February 7, 2018: Advances in Experimental Medicine and Biology
Claire Gizowski, Cristian Zaelzer, Charles W Bourque
Previous studies have shown that mice housed under 12:12 h light-dark conditions display a pronounced increase in water intake during a 2-hour anticipatory period (AP) near the end of their active period (Zeitgeber Time ZT; ZT21.5-ZT23.5) compared to the preceding basal period (BP, ZT19.5-ZT21.5). This increased water intake during the AP is not associated with physiological stimuli for thirst, such as food intake, hyperosmolality, hyperthermia, or hypovolemia. Denying mice the water intake supplement during the AP causes them to be dehydrated at wake time...
February 5, 2018: Journal of Neuroendocrinology
Madina Sifi, Roza Benabdesselam, Sabrina Souttou, Tiziana Annese, Alvaro Rendon, Beatrice Nico, Latifa Dorbani-Mamine
Dystrophin (Dp) is a multidomain protein that links the actin cytoskeleton to the extracellular matrix through the dystrophin associated proteins complex (DAPC). Dp of 71 kDa (Dp71), corresponding to the COOH-terminal domain of dystrophin, and α1-syntrophin (α1Syn) as the principal component of the DAPC, are strongly expressed in the brain. To clarify their involvement in the central control of osmotic homeostasis, we investigated the effect of 14 days of salt loading (with drinking water containing 2% NaCl) and then reversibly to 30 days of normal hydration (with drinking water without salt), first on the expression by western-blotting and the distribution by immunochemistry of Dp71 and α1Syn in the SON of the rat and, second, on the level of some physiological parameters, as the plasma osmolality, natremia and hematocrit...
January 26, 2018: Acta Histochemica
Joseph Sugie, Marcos Intaglietta, Lanping Amy Sung
Erythrocytes have long been known to change volumes and shapes in response to different salt concentrations. Aquaporin-1 (AQP1) was discovered in their membranes more than 20 years ago. The physiological roles of volume changes and AQP1 expression, however, have remained unclear. We propose that rapid water exchange through AQP1 coupled with large capacity for volume change may allow erythrocytes to play an important role in water regulation. In this study, we showed that erythrocytes in situ gradually reduced their volumes by 39% in response to the hyperosmotic corticomedullary gradient within mouse kidneys...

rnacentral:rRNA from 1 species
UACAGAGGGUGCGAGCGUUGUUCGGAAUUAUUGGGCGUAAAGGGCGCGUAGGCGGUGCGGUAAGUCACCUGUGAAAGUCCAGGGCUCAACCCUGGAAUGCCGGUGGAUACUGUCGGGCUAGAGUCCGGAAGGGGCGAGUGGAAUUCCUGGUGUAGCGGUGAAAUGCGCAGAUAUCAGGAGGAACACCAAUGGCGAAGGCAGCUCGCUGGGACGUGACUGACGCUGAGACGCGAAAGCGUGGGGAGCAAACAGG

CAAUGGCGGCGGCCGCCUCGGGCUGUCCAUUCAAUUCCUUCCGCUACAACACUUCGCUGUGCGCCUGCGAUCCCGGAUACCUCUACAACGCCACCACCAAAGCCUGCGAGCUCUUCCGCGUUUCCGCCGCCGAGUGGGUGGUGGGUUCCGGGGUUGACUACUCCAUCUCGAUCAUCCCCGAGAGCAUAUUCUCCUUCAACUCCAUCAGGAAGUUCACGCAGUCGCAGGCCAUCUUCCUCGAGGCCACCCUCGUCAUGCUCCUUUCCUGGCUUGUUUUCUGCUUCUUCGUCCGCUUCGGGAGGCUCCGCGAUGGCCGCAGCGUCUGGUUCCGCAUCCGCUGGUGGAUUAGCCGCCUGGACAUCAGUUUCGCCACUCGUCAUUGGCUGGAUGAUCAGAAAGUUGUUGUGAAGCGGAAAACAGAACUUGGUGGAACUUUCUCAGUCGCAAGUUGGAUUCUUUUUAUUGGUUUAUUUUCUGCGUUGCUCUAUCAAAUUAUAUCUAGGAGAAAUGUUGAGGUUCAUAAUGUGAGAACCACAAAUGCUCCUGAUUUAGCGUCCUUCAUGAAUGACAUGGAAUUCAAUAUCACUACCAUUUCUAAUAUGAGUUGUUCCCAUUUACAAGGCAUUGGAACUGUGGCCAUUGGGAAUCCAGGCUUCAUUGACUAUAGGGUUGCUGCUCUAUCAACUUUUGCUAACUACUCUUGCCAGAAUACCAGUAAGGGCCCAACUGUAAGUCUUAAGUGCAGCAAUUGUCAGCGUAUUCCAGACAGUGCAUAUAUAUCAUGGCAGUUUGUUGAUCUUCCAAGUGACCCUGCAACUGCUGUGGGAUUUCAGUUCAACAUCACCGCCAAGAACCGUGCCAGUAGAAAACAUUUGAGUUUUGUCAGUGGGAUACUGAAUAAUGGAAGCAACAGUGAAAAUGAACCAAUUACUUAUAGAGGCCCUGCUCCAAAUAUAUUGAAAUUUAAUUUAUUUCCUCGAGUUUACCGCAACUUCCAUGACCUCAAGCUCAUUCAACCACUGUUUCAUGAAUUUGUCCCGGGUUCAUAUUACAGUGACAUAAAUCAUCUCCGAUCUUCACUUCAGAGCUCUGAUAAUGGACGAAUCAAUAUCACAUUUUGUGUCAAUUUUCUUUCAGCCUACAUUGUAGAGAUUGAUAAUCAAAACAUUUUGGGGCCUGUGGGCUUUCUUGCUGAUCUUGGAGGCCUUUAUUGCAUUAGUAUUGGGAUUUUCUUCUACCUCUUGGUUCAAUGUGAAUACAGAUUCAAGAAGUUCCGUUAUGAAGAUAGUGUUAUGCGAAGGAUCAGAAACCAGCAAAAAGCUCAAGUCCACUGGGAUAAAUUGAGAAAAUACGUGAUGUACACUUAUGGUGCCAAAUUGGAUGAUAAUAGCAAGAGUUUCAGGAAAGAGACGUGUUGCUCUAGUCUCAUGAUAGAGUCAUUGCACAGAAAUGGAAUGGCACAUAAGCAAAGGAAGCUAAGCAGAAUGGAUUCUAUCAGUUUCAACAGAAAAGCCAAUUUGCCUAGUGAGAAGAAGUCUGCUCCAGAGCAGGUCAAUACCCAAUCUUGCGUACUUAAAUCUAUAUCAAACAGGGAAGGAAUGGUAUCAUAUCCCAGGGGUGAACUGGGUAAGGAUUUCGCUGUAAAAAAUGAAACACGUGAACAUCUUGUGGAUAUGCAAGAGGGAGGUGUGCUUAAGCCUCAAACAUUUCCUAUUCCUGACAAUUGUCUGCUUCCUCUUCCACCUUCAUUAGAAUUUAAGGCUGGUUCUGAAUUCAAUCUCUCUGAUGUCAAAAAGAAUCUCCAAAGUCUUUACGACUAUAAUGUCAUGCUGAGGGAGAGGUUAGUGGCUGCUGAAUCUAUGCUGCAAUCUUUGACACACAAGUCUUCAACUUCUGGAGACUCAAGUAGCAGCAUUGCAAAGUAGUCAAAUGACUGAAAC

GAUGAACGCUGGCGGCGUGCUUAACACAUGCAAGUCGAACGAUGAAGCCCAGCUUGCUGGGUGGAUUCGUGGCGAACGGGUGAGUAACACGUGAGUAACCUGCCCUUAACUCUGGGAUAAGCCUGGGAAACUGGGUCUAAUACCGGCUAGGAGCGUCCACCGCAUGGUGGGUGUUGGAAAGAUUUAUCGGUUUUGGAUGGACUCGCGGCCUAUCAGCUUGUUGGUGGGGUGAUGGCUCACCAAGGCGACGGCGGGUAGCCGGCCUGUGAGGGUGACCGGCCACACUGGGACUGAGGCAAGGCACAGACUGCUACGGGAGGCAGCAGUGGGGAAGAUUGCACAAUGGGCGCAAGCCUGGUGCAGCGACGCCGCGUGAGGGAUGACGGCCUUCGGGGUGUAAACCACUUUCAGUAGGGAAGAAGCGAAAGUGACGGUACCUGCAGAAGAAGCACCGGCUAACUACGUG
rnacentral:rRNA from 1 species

February 2, 2018: American Journal of Physiology. Heart and Circulatory Physiology
Dirk Weihrauch, Garett Joseph, Patrick Allen
Invertebrates employ a variety of ammonia excretion strategies to facilitate their survival in diverse aquatic environments, including freshwater, seawater and the water film surrounding soil particles. Various environmental properties set innate challenges for an organism's ammonia excretory capacity. These include the availability of NaCl and the respective ion-permeability of the organism's transport epithelia, and the buffering capacity of their immediate surrounding medium. To this end, some transporters seem to be conserved in the excretory process...
January 29, 2018: Journal of Experimental Biology
Gil Y Yerushalmi, Lidiya Misyura, Heath A MacMillan, Andrew Donini
At low temperatures, Drosophila, like most insects, lose the ability to regulate ion and water balance across the gut epithelia, which can lead to a lethal increase of [K+] in the hemolymph (hyperkalemia). Cold-acclimation, the physiological response to a prior low temperature exposure, can mitigate or entirely prevent these ion imbalances, but the physiological mechanisms that facilitate this process are not well understood. Here, we test whether plasticity in the ionoregulatory physiology of the gut and Malpighian tubules of Drosophila may aid in preserving ion homeostasis in the cold...
January 24, 2018: Journal of Experimental Biology